When it comes to autoimmune health, it’s true that food is important. Some foods exacerbate our symptoms while other foods help us heal. But sometimes we forget that other choices affect autoimmune expression just as strongly. That’s why you’ll find an entire series of articles and podcasts on my Lifestyle page that have nothing to do with food. The next time you’re experiencing an autoimmune flare (or hit a healing plateau), see if one of these areas could use some attention.
5 Favorites of Mine
Healing diets aren’t only about avoiding inflammatory foods. They’re also about choosing the healthiest foods. Nutrient-density matters, and sometimes simple choices can make a big difference. Want to know which onion has 120 times more antioxidants than the rest? Which fruit has 10 times more nutrition than most vegetables? Which vegetables lose half their nutrition within 2 days of picking and how to slow that process down? Or how to make sure you are getting the medicinal benefit of garlic when you eat it? Excerpted from Jo Robinson’s book, Eating on the Wild Side, here are 20 tips to make your next grocery shopping trip the most nutritious yet.
Of all the recipes on my blog, this is the one I make most often. Soup for breakfast may sound funny, but for millions of people around the world, this is traditional. And how smart they are! It is far more nurturing, nourishing, healing, and satiating than any typical breakfast in the U.S. It’s been my favorite way to start the day for over 5 years!
With autoimmune disease, we’ve been told that our body is literally attacking itself. It’s common to feel betrayed by our bodies, furious with our bodies, and at war with ourselves. That’s not a healing state. However, making the shift to self-love doesn’t always come easily, especially when we’re suffering. The good news is that self-compassion can be learned, and it supports our health in multiple ways, not just mentally and emotionally but also physically. This podcast goes into all the details, including beginner steps and a guided self-compassion meditation. My guest is Dr. Kristin Neff. She has been teaching self-compassion and leading the research in this field for the past 15 years.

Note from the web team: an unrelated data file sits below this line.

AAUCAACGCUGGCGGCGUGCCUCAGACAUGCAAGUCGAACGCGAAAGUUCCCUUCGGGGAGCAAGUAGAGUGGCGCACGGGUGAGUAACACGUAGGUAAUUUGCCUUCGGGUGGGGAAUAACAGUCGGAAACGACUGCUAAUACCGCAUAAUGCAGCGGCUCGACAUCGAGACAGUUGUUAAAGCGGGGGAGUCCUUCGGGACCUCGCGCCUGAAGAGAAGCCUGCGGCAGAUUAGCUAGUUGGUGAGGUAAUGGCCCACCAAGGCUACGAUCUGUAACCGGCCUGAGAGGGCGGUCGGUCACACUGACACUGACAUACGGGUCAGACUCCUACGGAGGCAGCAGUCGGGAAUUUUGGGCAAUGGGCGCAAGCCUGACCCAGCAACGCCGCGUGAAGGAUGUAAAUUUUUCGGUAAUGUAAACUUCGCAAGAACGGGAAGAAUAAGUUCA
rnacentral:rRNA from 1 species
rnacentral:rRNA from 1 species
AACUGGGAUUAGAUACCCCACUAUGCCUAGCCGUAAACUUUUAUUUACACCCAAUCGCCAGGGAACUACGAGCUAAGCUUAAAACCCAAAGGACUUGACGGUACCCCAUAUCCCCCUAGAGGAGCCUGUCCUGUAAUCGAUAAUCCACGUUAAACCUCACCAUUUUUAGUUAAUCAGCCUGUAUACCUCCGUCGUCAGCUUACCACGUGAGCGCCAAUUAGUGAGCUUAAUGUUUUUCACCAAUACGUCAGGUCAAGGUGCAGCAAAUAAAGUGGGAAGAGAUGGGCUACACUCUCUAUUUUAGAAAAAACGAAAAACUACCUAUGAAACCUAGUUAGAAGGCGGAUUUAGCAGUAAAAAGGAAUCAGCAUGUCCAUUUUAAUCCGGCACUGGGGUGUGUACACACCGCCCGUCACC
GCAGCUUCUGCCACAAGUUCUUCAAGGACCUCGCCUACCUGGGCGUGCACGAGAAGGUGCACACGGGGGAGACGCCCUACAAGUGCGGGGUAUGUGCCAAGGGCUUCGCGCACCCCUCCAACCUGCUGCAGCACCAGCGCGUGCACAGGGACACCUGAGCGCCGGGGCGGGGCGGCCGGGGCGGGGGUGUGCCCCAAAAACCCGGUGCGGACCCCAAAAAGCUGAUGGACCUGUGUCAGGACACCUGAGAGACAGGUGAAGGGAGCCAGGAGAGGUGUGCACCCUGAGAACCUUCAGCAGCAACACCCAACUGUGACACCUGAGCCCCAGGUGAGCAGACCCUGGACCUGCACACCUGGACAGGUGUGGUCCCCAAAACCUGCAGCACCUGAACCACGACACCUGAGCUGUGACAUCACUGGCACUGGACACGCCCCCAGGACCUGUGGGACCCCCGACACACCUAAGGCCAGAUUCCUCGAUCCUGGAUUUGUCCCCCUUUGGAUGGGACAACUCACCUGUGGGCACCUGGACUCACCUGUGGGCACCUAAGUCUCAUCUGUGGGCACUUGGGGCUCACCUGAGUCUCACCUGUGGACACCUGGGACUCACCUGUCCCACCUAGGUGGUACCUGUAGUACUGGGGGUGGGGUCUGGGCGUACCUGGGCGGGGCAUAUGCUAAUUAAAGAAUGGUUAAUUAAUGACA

So often, we see diet and medication as either/or choices. I certainly did for the first few years after my diagnosis. In this post, I talk about my decision to go on immunosuppressant medication in 2016. It was one of the toughest decisions I’ve ever made, so if you’re facing this choice, I understand. The truth is: diet and medication can be a powerful combination. Does that mean I think everyone should take medication? No. It’s a very personal choice, but it ended up being the right one for me. At the bottom of the article, you’ll find an update with the results of my personal medication experiments. Spoiler alert: it was key to my remission.
It might seem strange that I’m highlighting a holiday post, but the suggestions it contains apply any time of year. I created it for the month of December, because it’s a month often filled with extra stress, obligations, food temptations, and travel. This can be a recipe for an autoimmune flare, so I created a list of one simple thing to do each day throughout the month. They’re all easy to do, while also supporting health and wellbeing. So, whatever month you’re reading this, set yourself a challenge to complete this list. And it’s totally fine to start mid-month! There’s even a printable PDF linked at the bottom of the post, perfectly sized for your fridge.